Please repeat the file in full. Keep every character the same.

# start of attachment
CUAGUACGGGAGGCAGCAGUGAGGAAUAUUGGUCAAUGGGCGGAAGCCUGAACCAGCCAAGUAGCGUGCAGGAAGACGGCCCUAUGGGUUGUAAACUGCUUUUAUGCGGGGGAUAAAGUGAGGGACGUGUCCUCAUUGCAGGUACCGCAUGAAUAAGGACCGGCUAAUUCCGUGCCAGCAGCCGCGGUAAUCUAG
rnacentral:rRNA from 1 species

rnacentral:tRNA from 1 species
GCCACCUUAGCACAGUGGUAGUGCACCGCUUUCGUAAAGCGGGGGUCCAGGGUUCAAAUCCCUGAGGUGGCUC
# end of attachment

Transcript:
CUAGUACGGGAGGCAGCAGUGAGGAAUAUUGGUCAAUGGGCGGAAGCCUGAACCAGCCAAGUAGCGUGCAGGAAGACGGCCCUAUGGGUUGUAAACUGCUUUUAUGCGGGGGAUAAAGUGAGGGACGUGUCCUCAUUGCAGGUACCGCAUGAAUAAGGACCGGCUAAUUCCGUGCCAGCAGCCGCGGUAAUCUAG
rnacentral:rRNA from 1 species

rnacentral:tRNA from 1 species
GCCACCUUAGCACAGUGGUAGUGCACCGCUUUCGUAAAGCGGGGGUCCAGGGUUCAAAUCCCUGAGGUGGCUC